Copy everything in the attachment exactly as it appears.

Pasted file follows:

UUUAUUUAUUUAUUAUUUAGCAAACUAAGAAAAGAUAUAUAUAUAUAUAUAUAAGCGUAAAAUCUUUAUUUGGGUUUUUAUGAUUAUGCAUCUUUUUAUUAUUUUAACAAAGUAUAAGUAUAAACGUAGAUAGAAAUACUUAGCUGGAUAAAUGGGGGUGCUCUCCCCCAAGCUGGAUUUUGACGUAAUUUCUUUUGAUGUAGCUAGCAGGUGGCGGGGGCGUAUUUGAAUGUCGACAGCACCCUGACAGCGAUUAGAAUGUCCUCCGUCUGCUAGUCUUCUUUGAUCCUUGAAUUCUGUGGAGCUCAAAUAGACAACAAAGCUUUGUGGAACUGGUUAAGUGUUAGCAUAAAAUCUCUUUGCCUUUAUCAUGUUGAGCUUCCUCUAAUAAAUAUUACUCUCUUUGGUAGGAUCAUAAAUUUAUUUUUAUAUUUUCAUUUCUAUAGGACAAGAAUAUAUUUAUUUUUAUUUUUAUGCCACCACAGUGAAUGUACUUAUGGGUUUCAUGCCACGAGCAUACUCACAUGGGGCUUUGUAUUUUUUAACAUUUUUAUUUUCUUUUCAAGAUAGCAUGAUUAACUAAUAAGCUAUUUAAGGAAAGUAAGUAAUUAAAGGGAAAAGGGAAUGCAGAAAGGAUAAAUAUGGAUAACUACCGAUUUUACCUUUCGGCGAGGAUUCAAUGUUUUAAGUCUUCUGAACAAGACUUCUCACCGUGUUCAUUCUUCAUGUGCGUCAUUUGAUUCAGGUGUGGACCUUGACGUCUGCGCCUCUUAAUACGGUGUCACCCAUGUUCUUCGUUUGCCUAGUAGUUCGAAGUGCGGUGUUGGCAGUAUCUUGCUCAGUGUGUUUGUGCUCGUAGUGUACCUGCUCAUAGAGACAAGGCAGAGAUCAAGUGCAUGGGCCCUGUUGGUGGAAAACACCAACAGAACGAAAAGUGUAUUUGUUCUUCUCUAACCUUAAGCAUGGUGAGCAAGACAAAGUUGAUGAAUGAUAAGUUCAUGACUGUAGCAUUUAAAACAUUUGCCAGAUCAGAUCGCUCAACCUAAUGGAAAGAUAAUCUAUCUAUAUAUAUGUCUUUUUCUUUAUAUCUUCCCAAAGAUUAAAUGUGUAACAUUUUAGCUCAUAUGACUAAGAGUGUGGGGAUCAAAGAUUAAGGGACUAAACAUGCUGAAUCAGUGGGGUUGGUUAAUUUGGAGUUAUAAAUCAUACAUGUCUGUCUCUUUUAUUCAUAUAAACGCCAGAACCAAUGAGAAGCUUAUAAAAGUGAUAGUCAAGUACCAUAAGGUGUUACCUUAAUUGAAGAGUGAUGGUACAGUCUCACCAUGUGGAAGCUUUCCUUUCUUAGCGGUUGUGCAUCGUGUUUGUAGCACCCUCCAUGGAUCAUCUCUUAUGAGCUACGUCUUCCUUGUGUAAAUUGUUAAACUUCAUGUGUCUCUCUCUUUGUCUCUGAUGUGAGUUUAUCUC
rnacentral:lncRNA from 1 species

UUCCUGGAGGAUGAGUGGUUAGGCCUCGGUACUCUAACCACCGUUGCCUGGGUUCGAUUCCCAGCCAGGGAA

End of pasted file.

UUUAUUUAUUUAUUAUUUAGCAAACUAAGAAAAGAUAUAUAUAUAUAUAUAUAAGCGUAAAAUCUUUAUUUGGGUUUUUAUGAUUAUGCAUCUUUUUAUUAUUUUAACAAAGUAUAAGUAUAAACGUAGAUAGAAAUACUUAGCUGGAUAAAUGGGGGUGCUCUCCCCCAAGCUGGAUUUUGACGUAAUUUCUUUUGAUGUAGCUAGCAGGUGGCGGGGGCGUAUUUGAAUGUCGACAGCACCCUGACAGCGAUUAGAAUGUCCUCCGUCUGCUAGUCUUCUUUGAUCCUUGAAUUCUGUGGAGCUCAAAUAGACAACAAAGCUUUGUGGAACUGGUUAAGUGUUAGCAUAAAAUCUCUUUGCCUUUAUCAUGUUGAGCUUCCUCUAAUAAAUAUUACUCUCUUUGGUAGGAUCAUAAAUUUAUUUUUAUAUUUUCAUUUCUAUAGGACAAGAAUAUAUUUAUUUUUAUUUUUAUGCCACCACAGUGAAUGUACUUAUGGGUUUCAUGCCACGAGCAUACUCACAUGGGGCUUUGUAUUUUUUAACAUUUUUAUUUUCUUUUCAAGAUAGCAUGAUUAACUAAUAAGCUAUUUAAGGAAAGUAAGUAAUUAAAGGGAAAAGGGAAUGCAGAAAGGAUAAAUAUGGAUAACUACCGAUUUUACCUUUCGGCGAGGAUUCAAUGUUUUAAGUCUUCUGAACAAGACUUCUCACCGUGUUCAUUCUUCAUGUGCGUCAUUUGAUUCAGGUGUGGACCUUGACGUCUGCGCCUCUUAAUACGGUGUCACCCAUGUUCUUCGUUUGCCUAGUAGUUCGAAGUGCGGUGUUGGCAGUAUCUUGCUCAGUGUGUUUGUGCUCGUAGUGUACCUGCUCAUAGAGACAAGGCAGAGAUCAAGUGCAUGGGCCCUGUUGGUGGAAAACACCAACAGAACGAAAAGUGUAUUUGUUCUUCUCUAACCUUAAGCAUGGUGAGCAAGACAAAGUUGAUGAAUGAUAAGUUCAUGACUGUAGCAUUUAAAACAUUUGCCAGAUCAGAUCGCUCAACCUAAUGGAAAGAUAAUCUAUCUAUAUAUAUGUCUUUUUCUUUAUAUCUUCCCAAAGAUUAAAUGUGUAACAUUUUAGCUCAUAUGACUAAGAGUGUGGGGAUCAAAGAUUAAGGGACUAAACAUGCUGAAUCAGUGGGGUUGGUUAAUUUGGAGUUAUAAAUCAUACAUGUCUGUCUCUUUUAUUCAUAUAAACGCCAGAACCAAUGAGAAGCUUAUAAAAGUGAUAGUCAAGUACCAUAAGGUGUUACCUUAAUUGAAGAGUGAUGGUACAGUCUCACCAUGUGGAAGCUUUCCUUUCUUAGCGGUUGUGCAUCGUGUUUGUAGCACCCUCCAUGGAUCAUCUCUUAUGAGCUACGUCUUCCUUGUGUAAAUUGUUAAACUUCAUGUGUCUCUCUCUUUGUCUCUGAUGUGAGUUUAUCUC
rnacentral:lncRNA from 1 species

UUCCUGGAGGAUGAGUGGUUAGGCCUCGGUACUCUAACCACCGUUGCCUGGGUUCGAUUCCCAGCCAGGGAA